O Lord Thou shalt open my lips and my mouth shall declare Thy praise.

Sunday, December 30, 2012

Our Lord's Extended Family

Christmas is a time for visiting extended family. Today in the Byzantine Rite we look at some of Our Lord's extended family. Today, the Sunday within the Post-feast of the Nativity, is the Feast of St. Joseph the Betrothed, St. James the Brother of the Lord, and St. David the Royal Prophet.

Icon of the Flight into Egypt, today's Gospel for the Feast of Sts. Joseph, David, & James. This icon seems to have St. James (or at least a St. James) behind the donkey.

Icon of St. James the Less, Brother of the Lord and First Bishop of Jerusalem. The Church's original ceremony for the Holy Eucharist was composed by him, the Divine Liturgy of St. James. It is still used in the Antiochean Rites. We know that he is for a fact Our Lord's cousin from a couple of different passages. Most notably, at the foot of the Cross, St. John, a complete non-relative (whose family is identified in the Gospels), gets custody of the Mother of God. By Jewish law, when a woman's husband died, she went into the custody of her children. If she had no children, she was destitute. The fact that Christ gave His mother to St. John tells us that a)St. Joseph was dead, so Our Lord already had already inherited custody of her; b)He had neither siblings nor step-siblings (who were identical to siblings in law), since they would have automatically inherited her from Him upon His death on the cross; and c)He didn't want her to be destitute, which is what would have happened otherwise. That also tells us that St. Joseph didn't have a previous marriage as those children would have been Our Lord's step children. So with Our Lord having neither siblings nor step-siblings as the conversation at the foot of the cross gives away, St. James could only be one of the other meanings of the word "brother": either a male cousin or a "bro". As he wasn't among the 3 favored apostles-that was the other St. James, the older brother of St. John-he couldn't have been "bro". Therefore St. James was a cousin-and probably a closer cousin than St. John the Forerunner.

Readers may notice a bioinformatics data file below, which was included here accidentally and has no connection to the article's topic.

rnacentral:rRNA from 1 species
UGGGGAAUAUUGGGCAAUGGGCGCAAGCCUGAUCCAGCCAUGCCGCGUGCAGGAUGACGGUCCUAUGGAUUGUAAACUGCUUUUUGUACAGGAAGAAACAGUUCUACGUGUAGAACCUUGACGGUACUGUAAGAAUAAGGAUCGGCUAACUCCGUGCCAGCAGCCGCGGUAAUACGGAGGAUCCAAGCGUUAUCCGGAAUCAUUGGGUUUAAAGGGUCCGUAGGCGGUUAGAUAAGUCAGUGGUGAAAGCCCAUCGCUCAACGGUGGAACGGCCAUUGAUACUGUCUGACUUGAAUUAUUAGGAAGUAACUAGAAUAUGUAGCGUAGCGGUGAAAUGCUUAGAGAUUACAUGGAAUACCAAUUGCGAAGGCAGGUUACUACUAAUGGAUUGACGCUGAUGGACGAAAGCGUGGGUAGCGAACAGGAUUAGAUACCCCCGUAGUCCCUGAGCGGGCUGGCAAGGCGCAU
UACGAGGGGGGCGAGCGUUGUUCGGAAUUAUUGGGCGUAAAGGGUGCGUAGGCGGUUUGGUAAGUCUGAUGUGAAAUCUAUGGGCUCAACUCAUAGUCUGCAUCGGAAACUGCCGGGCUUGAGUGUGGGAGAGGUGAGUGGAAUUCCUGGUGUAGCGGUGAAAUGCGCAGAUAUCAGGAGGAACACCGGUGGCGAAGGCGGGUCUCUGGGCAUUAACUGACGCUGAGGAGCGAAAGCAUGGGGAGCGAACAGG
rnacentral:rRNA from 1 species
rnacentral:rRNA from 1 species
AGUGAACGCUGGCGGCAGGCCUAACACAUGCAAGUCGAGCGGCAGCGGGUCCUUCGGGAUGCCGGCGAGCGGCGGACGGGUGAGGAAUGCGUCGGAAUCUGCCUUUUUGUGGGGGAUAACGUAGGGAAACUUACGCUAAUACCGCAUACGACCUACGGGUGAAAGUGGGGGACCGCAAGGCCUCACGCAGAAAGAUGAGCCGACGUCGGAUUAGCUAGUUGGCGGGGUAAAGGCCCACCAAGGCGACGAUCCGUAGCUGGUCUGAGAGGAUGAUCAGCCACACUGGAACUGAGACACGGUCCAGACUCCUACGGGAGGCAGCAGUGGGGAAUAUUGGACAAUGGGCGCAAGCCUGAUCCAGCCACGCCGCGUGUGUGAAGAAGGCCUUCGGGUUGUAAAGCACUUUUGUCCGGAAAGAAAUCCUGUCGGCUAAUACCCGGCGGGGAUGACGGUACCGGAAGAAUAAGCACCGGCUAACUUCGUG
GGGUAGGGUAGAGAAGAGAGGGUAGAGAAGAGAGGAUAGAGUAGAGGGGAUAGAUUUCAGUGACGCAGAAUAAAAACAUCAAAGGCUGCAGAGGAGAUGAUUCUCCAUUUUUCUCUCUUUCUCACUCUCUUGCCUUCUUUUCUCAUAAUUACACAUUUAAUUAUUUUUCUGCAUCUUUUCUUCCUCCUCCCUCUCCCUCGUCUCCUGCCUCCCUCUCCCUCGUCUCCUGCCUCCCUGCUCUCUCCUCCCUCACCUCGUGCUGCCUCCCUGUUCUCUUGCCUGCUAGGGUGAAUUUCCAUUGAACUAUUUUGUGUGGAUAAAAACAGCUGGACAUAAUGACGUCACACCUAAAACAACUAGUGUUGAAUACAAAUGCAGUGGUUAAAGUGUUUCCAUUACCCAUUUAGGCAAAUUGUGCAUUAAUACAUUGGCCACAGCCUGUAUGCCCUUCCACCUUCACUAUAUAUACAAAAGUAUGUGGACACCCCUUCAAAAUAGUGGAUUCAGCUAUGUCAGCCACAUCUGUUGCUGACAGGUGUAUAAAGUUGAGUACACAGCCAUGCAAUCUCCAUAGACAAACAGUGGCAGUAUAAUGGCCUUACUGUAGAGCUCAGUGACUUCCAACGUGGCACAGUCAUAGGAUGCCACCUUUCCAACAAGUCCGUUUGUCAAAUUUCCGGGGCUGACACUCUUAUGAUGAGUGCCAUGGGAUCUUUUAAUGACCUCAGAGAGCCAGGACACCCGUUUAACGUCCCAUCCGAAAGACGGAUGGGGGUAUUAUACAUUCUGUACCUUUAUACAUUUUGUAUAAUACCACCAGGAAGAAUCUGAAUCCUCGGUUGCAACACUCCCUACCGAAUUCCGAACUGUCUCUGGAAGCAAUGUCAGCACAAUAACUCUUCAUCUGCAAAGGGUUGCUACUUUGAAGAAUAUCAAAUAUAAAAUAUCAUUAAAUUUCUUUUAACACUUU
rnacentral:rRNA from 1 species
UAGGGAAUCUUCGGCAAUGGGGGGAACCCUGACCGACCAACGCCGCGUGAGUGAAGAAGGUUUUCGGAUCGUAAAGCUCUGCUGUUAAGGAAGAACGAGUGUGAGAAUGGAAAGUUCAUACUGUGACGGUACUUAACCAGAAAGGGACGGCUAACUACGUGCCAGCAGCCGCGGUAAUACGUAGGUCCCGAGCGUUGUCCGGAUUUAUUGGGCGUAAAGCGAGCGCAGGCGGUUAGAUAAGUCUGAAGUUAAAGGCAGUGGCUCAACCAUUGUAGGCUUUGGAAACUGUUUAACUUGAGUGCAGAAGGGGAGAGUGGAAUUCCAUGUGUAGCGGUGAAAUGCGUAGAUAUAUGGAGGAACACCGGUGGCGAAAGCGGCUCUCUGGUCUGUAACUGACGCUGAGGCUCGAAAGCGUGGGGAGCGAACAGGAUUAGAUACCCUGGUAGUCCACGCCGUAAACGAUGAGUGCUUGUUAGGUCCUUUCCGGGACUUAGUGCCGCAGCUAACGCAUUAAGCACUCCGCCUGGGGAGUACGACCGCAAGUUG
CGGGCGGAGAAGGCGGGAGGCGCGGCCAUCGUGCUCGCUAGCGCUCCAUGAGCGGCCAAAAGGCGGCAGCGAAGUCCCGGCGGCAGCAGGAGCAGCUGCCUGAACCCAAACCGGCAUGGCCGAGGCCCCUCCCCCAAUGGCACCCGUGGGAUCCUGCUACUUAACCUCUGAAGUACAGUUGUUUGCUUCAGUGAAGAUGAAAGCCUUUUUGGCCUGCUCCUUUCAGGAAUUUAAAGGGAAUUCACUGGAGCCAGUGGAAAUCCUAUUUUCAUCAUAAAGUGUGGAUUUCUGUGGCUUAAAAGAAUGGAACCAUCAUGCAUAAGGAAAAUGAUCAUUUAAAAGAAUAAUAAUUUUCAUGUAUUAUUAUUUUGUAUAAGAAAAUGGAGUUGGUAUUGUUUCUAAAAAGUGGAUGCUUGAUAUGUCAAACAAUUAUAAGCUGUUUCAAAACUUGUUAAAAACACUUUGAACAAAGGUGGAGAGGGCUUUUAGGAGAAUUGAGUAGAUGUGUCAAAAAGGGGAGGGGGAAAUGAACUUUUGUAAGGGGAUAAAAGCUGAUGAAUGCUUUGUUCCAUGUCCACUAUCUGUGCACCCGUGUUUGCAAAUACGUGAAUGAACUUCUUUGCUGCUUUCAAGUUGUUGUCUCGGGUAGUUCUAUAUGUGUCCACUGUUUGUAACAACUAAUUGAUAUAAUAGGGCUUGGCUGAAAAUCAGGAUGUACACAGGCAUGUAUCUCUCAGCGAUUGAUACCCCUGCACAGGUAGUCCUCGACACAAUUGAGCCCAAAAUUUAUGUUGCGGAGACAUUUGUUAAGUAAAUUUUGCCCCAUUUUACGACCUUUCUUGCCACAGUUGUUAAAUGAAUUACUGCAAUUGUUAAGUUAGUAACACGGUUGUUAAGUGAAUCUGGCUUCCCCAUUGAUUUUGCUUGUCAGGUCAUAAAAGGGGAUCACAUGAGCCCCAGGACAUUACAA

Icon of St. David the Prophet and King, Composer of the Psalms and Ancestor of God.